I finished Lockhart’s Lament, the 25-page version, and I have some feedback about it. On Proof I regard proof as being the defining activity of math. Really the trio of axiom-theorem-proof. However, proof is the real heart of the matter. I used to have a sort of mystical admiration for the idea of proof. Then Tyler taught me a little bit about Coq, the theorem prover, using Software Foundations. I learned that proof is always intended for an audience, and that the most objective audience would obviously be a computer, a program that is going to make the same determinations every time, thus formal proof is the best kind of proof.
Continued Fractions and Square Roots I recently became aware of continued fractions, because my friend Randy mentioned that they are a representation of some insane thing in topology that he mentioned offhandedly and which sort of made sense while he was talking but I really could not reconstruct. However, continued fractions are interesting in their own right, and I started working on this post before I saw the Mathologer video on this topic.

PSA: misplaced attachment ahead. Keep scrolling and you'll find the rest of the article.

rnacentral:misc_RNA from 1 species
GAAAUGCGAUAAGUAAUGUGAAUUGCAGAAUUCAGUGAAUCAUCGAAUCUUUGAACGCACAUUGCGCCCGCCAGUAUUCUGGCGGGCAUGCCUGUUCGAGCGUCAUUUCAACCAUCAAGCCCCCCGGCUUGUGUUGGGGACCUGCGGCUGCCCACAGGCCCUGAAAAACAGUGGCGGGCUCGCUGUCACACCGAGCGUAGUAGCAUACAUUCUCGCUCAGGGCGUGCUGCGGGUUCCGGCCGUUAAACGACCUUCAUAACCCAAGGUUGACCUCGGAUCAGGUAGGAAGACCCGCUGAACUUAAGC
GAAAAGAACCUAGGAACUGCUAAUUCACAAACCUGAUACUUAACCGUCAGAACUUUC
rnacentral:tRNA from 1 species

I am just finishing up the book Math Without Numbers by Milo Beckman. This is a good book for a layperson like me, in that in introduces lots of interesting stuff and provides a kind of a map to mathematics. I have a hunger for more knowledge about math, and I found the book a bit like an amuse-bouche before a meal that isn’t coming. I’m not entirely sure what to do about that, since I’m not prepared to return to school for math, yet I’m not satiated by superficial treatments of math from YouTube videos and the like.
Computer music at New Mexico Tech Around this time last year, my friend Eric Sewell said he was going to teach a computer music class at New Mexico Tech. I had been thinking about taking a class, probably a math class like linear algebra, but on a lark I decided this would probably be interesting. I’ve always loved music, but never really learned an instrument, and I thought, maybe if I involve the computer I can get further than if it’s about dexterity and years of tedious practice.